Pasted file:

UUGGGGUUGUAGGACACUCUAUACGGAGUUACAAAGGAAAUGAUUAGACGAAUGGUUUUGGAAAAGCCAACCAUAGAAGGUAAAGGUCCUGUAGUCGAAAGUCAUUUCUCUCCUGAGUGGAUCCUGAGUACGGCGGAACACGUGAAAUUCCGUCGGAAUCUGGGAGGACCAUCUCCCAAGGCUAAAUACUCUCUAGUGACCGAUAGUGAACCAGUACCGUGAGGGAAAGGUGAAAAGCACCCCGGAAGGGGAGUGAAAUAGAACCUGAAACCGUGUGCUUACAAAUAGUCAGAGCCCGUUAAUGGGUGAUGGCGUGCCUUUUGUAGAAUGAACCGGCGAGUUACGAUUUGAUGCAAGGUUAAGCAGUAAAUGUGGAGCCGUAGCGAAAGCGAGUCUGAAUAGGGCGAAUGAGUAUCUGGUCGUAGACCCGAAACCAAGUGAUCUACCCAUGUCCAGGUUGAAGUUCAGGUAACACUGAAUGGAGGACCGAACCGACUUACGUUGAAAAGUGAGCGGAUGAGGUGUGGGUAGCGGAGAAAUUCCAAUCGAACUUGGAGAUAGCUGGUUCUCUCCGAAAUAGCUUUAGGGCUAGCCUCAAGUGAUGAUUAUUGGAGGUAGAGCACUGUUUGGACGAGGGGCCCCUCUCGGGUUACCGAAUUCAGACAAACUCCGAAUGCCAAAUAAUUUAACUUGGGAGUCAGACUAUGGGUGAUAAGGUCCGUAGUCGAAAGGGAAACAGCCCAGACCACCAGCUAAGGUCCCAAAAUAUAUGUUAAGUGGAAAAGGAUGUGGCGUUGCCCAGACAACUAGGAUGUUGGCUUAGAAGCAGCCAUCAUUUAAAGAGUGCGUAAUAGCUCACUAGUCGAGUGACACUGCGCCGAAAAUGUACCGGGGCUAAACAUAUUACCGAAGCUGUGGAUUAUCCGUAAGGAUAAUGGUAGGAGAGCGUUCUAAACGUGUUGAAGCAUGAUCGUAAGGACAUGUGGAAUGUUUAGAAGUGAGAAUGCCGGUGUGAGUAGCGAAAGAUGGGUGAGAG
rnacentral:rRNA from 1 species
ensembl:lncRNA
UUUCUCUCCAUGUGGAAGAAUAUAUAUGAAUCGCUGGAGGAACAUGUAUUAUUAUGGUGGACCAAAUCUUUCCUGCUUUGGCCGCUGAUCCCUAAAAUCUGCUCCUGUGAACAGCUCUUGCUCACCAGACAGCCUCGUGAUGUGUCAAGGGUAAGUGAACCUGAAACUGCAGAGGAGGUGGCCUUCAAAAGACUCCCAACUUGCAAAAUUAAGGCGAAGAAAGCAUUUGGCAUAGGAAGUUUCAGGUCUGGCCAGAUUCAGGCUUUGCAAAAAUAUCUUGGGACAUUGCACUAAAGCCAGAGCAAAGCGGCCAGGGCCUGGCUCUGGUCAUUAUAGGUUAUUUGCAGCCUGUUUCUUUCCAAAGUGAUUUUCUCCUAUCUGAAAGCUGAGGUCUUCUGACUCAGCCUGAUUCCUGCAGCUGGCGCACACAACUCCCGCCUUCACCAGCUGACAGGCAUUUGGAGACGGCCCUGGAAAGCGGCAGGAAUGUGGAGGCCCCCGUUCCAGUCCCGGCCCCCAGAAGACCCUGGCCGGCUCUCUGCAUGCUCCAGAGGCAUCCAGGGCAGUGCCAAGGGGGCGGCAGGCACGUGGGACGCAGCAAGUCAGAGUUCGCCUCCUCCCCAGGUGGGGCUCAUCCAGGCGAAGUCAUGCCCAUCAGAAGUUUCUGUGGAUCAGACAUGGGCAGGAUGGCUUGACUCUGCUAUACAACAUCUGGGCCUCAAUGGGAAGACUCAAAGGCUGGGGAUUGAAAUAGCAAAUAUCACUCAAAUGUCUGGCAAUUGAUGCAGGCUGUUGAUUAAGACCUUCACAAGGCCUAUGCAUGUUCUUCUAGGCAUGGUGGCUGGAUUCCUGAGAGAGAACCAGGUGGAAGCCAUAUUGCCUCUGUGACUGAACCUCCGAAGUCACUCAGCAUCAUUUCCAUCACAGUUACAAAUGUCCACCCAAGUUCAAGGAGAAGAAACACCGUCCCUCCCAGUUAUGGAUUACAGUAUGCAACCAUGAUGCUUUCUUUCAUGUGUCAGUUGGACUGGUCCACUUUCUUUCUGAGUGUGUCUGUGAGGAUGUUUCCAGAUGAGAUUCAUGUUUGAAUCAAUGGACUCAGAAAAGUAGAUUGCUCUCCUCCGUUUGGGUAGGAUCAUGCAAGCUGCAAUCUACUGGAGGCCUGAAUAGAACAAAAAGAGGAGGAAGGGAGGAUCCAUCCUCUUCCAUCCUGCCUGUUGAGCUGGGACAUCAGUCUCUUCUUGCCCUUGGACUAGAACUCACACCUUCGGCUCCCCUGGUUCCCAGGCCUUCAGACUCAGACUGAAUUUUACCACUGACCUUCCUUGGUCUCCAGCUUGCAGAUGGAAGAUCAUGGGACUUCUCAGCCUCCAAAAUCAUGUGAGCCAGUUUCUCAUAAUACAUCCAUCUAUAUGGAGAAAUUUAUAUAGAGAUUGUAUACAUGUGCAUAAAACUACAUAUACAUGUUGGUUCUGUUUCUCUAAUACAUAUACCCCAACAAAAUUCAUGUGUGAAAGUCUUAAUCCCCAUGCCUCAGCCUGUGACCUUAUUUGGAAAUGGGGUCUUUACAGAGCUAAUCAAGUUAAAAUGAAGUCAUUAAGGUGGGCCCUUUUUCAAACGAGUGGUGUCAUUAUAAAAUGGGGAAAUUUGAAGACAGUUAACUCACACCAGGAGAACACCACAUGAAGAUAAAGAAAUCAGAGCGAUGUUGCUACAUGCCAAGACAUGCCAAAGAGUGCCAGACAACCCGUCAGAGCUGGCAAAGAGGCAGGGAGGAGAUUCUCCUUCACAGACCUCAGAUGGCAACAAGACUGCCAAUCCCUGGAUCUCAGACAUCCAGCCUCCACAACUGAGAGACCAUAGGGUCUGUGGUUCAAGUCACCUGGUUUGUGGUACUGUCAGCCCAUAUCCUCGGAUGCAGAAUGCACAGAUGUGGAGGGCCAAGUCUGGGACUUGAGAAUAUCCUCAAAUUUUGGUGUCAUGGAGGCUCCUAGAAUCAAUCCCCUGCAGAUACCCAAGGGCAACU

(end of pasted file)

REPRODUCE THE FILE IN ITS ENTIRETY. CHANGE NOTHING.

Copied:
UUGGGGUUGUAGGACACUCUAUACGGAGUUACAAAGGAAAUGAUUAGACGAAUGGUUUUGGAAAAGCCAACCAUAGAAGGUAAAGGUCCUGUAGUCGAAAGUCAUUUCUCUCCUGAGUGGAUCCUGAGUACGGCGGAACACGUGAAAUUCCGUCGGAAUCUGGGAGGACCAUCUCCCAAGGCUAAAUACUCUCUAGUGACCGAUAGUGAACCAGUACCGUGAGGGAAAGGUGAAAAGCACCCCGGAAGGGGAGUGAAAUAGAACCUGAAACCGUGUGCUUACAAAUAGUCAGAGCCCGUUAAUGGGUGAUGGCGUGCCUUUUGUAGAAUGAACCGGCGAGUUACGAUUUGAUGCAAGGUUAAGCAGUAAAUGUGGAGCCGUAGCGAAAGCGAGUCUGAAUAGGGCGAAUGAGUAUCUGGUCGUAGACCCGAAACCAAGUGAUCUACCCAUGUCCAGGUUGAAGUUCAGGUAACACUGAAUGGAGGACCGAACCGACUUACGUUGAAAAGUGAGCGGAUGAGGUGUGGGUAGCGGAGAAAUUCCAAUCGAACUUGGAGAUAGCUGGUUCUCUCCGAAAUAGCUUUAGGGCUAGCCUCAAGUGAUGAUUAUUGGAGGUAGAGCACUGUUUGGACGAGGGGCCCCUCUCGGGUUACCGAAUUCAGACAAACUCCGAAUGCCAAAUAAUUUAACUUGGGAGUCAGACUAUGGGUGAUAAGGUCCGUAGUCGAAAGGGAAACAGCCCAGACCACCAGCUAAGGUCCCAAAAUAUAUGUUAAGUGGAAAAGGAUGUGGCGUUGCCCAGACAACUAGGAUGUUGGCUUAGAAGCAGCCAUCAUUUAAAGAGUGCGUAAUAGCUCACUAGUCGAGUGACACUGCGCCGAAAAUGUACCGGGGCUAAACAUAUUACCGAAGCUGUGGAUUAUCCGUAAGGAUAAUGGUAGGAGAGCGUUCUAAACGUGUUGAAGCAUGAUCGUAAGGACAUGUGGAAUGUUUAGAAGUGAGAAUGCCGGUGUGAGUAGCGAAAGAUGGGUGAGAG
rnacentral:rRNA from 1 species
ensembl:lncRNA
UUUCUCUCCAUGUGGAAGAAUAUAUAUGAAUCGCUGGAGGAACAUGUAUUAUUAUGGUGGACCAAAUCUUUCCUGCUUUGGCCGCUGAUCCCUAAAAUCUGCUCCUGUGAACAGCUCUUGCUCACCAGACAGCCUCGUGAUGUGUCAAGGGUAAGUGAACCUGAAACUGCAGAGGAGGUGGCCUUCAAAAGACUCCCAACUUGCAAAAUUAAGGCGAAGAAAGCAUUUGGCAUAGGAAGUUUCAGGUCUGGCCAGAUUCAGGCUUUGCAAAAAUAUCUUGGGACAUUGCACUAAAGCCAGAGCAAAGCGGCCAGGGCCUGGCUCUGGUCAUUAUAGGUUAUUUGCAGCCUGUUUCUUUCCAAAGUGAUUUUCUCCUAUCUGAAAGCUGAGGUCUUCUGACUCAGCCUGAUUCCUGCAGCUGGCGCACACAACUCCCGCCUUCACCAGCUGACAGGCAUUUGGAGACGGCCCUGGAAAGCGGCAGGAAUGUGGAGGCCCCCGUUCCAGUCCCGGCCCCCAGAAGACCCUGGCCGGCUCUCUGCAUGCUCCAGAGGCAUCCAGGGCAGUGCCAAGGGGGCGGCAGGCACGUGGGACGCAGCAAGUCAGAGUUCGCCUCCUCCCCAGGUGGGGCUCAUCCAGGCGAAGUCAUGCCCAUCAGAAGUUUCUGUGGAUCAGACAUGGGCAGGAUGGCUUGACUCUGCUAUACAACAUCUGGGCCUCAAUGGGAAGACUCAAAGGCUGGGGAUUGAAAUAGCAAAUAUCACUCAAAUGUCUGGCAAUUGAUGCAGGCUGUUGAUUAAGACCUUCACAAGGCCUAUGCAUGUUCUUCUAGGCAUGGUGGCUGGAUUCCUGAGAGAGAACCAGGUGGAAGCCAUAUUGCCUCUGUGACUGAACCUCCGAAGUCACUCAGCAUCAUUUCCAUCACAGUUACAAAUGUCCACCCAAGUUCAAGGAGAAGAAACACCGUCCCUCCCAGUUAUGGAUUACAGUAUGCAACCAUGAUGCUUUCUUUCAUGUGUCAGUUGGACUGGUCCACUUUCUUUCUGAGUGUGUCUGUGAGGAUGUUUCCAGAUGAGAUUCAUGUUUGAAUCAAUGGACUCAGAAAAGUAGAUUGCUCUCCUCCGUUUGGGUAGGAUCAUGCAAGCUGCAAUCUACUGGAGGCCUGAAUAGAACAAAAAGAGGAGGAAGGGAGGAUCCAUCCUCUUCCAUCCUGCCUGUUGAGCUGGGACAUCAGUCUCUUCUUGCCCUUGGACUAGAACUCACACCUUCGGCUCCCCUGGUUCCCAGGCCUUCAGACUCAGACUGAAUUUUACCACUGACCUUCCUUGGUCUCCAGCUUGCAGAUGGAAGAUCAUGGGACUUCUCAGCCUCCAAAAUCAUGUGAGCCAGUUUCUCAUAAUACAUCCAUCUAUAUGGAGAAAUUUAUAUAGAGAUUGUAUACAUGUGCAUAAAACUACAUAUACAUGUUGGUUCUGUUUCUCUAAUACAUAUACCCCAACAAAAUUCAUGUGUGAAAGUCUUAAUCCCCAUGCCUCAGCCUGUGACCUUAUUUGGAAAUGGGGUCUUUACAGAGCUAAUCAAGUUAAAAUGAAGUCAUUAAGGUGGGCCCUUUUUCAAACGAGUGGUGUCAUUAUAAAAUGGGGAAAUUUGAAGACAGUUAACUCACACCAGGAGAACACCACAUGAAGAUAAAGAAAUCAGAGCGAUGUUGCUACAUGCCAAGACAUGCCAAAGAGUGCCAGACAACCCGUCAGAGCUGGCAAAGAGGCAGGGAGGAGAUUCUCCUUCACAGACCUCAGAUGGCAACAAGACUGCCAAUCCCUGGAUCUCAGACAUCCAGCCUCCACAACUGAGAGACCAUAGGGUCUGUGGUUCAAGUCACCUGGUUUGUGGUACUGUCAGCCCAUAUCCUCGGAUGCAGAAUGCACAGAUGUGGAGGGCCAAGUCUGGGACUUGAGAAUAUCCUCAAAUUUUGGUGUCAUGGAGGCUCCUAGAAUCAAUCCCCUGCAGAUACCCAAGGGCAACU